Standard approaches to the study of policy-based voting hold that voters choose based on the policy positions of the two candidates competing for their support. This study demonstrates that candidates can get a premium in support from the policy reputations of their parties. In particular, Paul Sniderman and Edward Stiglitz present a theory of how partisans take account of the parties' policy reputations as a function of the competing candidates' policy positions.
A central implication of this theory of reputation-centered choices is that party identification gives candidates tremendous latitude in their policy positioning. Paradoxically, it is the party supporters who understand and are in synch with the ideological logic of the American party system who open the door to a polarized politics precisely by making the best-informed choices on offer.
The news of teenagers and even younger children committing ever more serious and violent crimes continues to shock and baffle. The escalating psychological and social toll of youth crime is being paid by all a " from victims to offenders to parents and siblings to teachers and to the community as a whole. Adolescent Reputations and Risk looks beyond traditional theories to examine, from a solid empirical basis, the motivation and values that make some young people choose antisocial over positive behavior, resulting in potent new insights and possible solutions to this ongoing problem.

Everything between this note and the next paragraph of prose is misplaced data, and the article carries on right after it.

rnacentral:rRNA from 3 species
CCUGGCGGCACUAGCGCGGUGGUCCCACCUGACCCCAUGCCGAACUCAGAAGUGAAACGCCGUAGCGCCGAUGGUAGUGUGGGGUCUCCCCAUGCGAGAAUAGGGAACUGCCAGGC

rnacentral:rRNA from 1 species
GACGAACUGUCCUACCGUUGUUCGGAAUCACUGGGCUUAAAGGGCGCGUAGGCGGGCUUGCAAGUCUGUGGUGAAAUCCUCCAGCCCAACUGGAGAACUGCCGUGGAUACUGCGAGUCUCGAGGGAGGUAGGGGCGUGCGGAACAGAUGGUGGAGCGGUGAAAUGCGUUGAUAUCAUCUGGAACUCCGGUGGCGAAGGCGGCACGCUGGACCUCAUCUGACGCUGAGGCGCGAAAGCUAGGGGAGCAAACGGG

Synthesizing 15 years of research with delinquent youth, this volume describes the volatile dynamic of child and adolescent social worlds, emphasizing reputation enhancement and goal-setting as bases underlying deviant behavior. In innovative and accessible terms, Adolescent Reputations and Risk:
This volume is an essential resource for clinical child, school, and counseling psychologists; social workers; and allied education and community mental health professionals and practitioners.
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